Restaurant to reopen next month; creating a new downtown TIF district in the works
FARMINGTON - Plans to reopen a restaurant next month are moving forward after selectmen approved a new liquor license for the Lotus Blossom Restaurant.
The former Fortune Fountain restaurant was closed in early May by the state's health department after several food safety violations were found.
The new owner-manager, Ricky Lam of Blossom Chinese Restaurant, Inc., was an original partner who helped open the restaurant 27 years ago on Wilton Road, but wasn't involved with it in the years following. He told selectmen that he hopes to reopen the newly renovated restaurant on Aug. 15, if everything goes according to schedule. Building contractors are "completely renovating the interior, especially the kitchen," Lam said.
Selectman Dennis Pike wished Lam "the best of luck" and the board voted 4-0 to approve the liquor license. Selectman Drew Hufnagel did not attend the meeting.
In other matters, selectmen unanimously approved appointing a consultant to help create a tax increment financing (TIF) district for the revitalization of the downtown area. Discussion began two meetings ago but selectmen Hufnagel and Ryan Morgan wanted more time to research TIFs in the state and how it could be applied towards redevelopment of the downtown area.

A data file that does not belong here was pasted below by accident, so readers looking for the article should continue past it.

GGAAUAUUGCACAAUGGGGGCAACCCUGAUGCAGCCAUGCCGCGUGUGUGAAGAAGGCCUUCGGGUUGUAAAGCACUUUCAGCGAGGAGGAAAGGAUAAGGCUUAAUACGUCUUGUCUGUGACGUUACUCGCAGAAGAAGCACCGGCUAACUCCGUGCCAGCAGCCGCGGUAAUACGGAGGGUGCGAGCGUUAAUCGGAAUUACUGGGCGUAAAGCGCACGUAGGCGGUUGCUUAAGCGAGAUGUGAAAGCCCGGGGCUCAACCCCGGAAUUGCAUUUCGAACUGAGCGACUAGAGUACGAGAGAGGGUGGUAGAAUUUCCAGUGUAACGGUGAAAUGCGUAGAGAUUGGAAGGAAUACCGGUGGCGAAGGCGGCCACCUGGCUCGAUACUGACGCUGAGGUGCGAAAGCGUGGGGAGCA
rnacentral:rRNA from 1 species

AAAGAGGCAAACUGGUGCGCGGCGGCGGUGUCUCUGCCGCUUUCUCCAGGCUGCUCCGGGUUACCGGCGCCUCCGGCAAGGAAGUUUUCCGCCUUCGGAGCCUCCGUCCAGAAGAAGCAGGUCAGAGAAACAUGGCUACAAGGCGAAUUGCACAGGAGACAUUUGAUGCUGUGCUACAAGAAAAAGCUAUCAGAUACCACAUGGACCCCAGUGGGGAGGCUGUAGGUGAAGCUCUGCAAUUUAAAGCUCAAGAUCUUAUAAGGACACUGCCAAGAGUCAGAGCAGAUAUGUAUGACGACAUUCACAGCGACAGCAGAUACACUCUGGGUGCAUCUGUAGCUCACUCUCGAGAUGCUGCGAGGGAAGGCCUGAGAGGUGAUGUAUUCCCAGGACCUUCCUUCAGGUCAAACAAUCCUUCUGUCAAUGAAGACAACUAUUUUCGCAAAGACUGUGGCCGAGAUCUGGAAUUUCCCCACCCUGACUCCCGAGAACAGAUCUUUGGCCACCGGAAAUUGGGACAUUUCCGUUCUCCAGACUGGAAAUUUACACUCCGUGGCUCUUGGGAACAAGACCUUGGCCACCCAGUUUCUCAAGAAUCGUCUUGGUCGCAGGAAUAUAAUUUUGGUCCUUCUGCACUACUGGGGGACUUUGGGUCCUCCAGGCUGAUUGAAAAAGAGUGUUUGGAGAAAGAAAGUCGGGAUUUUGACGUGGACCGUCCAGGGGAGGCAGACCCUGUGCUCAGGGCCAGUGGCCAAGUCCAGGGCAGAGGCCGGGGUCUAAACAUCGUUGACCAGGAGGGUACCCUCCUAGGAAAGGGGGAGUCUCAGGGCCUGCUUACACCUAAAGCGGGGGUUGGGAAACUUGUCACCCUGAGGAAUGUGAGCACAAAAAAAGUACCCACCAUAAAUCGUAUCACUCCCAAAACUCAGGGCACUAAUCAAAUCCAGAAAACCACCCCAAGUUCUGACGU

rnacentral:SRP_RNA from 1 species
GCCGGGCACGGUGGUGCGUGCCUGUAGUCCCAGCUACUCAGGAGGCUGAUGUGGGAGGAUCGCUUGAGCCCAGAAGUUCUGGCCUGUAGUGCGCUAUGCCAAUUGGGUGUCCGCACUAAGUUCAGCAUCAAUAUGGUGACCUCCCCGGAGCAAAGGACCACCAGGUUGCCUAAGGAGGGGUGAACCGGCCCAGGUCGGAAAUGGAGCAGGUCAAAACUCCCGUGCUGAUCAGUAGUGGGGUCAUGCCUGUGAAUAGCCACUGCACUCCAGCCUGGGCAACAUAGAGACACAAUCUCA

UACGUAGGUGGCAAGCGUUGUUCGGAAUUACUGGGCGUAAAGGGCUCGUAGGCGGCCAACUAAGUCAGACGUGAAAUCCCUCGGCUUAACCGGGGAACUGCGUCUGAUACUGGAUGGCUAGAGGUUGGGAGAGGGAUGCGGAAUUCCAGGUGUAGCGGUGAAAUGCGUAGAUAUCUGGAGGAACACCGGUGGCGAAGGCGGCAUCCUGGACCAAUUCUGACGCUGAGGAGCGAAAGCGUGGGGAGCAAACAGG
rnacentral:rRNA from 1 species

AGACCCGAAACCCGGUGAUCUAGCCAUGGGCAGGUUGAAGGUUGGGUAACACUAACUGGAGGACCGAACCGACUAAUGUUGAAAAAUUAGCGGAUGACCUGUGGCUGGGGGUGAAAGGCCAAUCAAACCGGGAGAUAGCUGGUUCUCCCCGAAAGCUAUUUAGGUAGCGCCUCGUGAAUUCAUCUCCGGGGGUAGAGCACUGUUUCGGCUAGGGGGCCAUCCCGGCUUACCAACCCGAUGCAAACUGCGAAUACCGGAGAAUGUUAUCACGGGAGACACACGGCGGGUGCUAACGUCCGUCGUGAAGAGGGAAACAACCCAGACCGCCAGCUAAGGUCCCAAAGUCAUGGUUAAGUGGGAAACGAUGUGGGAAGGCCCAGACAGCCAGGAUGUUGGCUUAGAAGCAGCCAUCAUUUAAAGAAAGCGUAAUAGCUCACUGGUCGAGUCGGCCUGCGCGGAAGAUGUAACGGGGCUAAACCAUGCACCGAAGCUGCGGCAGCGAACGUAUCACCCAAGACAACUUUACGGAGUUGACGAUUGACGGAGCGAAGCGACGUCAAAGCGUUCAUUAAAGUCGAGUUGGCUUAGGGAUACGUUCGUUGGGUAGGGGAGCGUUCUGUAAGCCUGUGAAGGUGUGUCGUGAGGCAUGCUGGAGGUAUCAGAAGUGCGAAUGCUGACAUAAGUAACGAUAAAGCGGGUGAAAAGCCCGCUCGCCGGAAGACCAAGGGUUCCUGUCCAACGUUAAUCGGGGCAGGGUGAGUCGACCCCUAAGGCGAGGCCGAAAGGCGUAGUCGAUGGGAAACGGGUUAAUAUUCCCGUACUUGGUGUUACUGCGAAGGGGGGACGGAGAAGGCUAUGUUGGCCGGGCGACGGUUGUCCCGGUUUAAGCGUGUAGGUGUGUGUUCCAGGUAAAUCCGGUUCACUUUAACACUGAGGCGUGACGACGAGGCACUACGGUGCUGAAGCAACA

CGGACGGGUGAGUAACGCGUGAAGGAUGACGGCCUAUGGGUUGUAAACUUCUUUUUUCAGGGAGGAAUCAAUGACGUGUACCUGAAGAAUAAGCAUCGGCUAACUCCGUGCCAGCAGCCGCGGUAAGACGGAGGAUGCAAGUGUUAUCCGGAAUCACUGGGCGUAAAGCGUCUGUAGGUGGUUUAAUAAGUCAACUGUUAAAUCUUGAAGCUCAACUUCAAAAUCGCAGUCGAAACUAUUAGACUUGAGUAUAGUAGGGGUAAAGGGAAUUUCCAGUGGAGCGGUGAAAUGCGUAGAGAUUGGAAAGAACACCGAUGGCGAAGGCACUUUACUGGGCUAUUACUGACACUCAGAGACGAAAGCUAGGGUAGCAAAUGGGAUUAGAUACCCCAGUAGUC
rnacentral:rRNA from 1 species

Proposed is to designate a downtown district for TIF entitlement, develop data relative for the creation of a TIF district and a work plan towards an overall downtown redevelopment. Once a plan is established, the town can apply for a Downtown TIF from the state.
A TIF sets aside a portion of new taxable revenue and dedicates those funds, in this case, towards a redevelopment plan. A percentage of the new investment "captured" for the downtown programs and are sheltered from the state's formula for revenue sharing, education funding and county tax. Example TIF-funded projects could be improving downtown infrastructure, such as sidewalks or upgrading street lights; tourism or business promotion or property restoration through a loan program. All of the particulars, from how much new tax revenue would be set aside to how long the TIF district exists, can be determined by the designers of the TIF.
John Holden of Eaton Peabody Consulting Group will work with town officials, members of the Farmington Downtown Association and the Greater Franklin Development Corporation to draft the town's redevelopment program, a requirement for the establishment of the TIF district. According to the contract agreement, Holden will receive a fee of $9,850 to complete the process of designing a plan to town official approval of the plan. That process is expected to take up to four months.
Once the plan is agreed upon by selectmen, public meetings on the proposed TIF district would be held before the finalized TIF application is sent to the Maine Department of Economic and Community Development for its review. Holden is to receive a flat fee of $9,500 for completing the town's application process.
At Tuesday's meeting, the board was in unanimous agreement to pursue establishing a TIF district, but Hufnagel, via a phone call, and Morgan asked about the possibility of expanding the designated downtown TIF district to include the West Farmington area.
Holden said he will look into expanding the TIF district so the area across Center Bridge can benefit from TIF revitalization funding.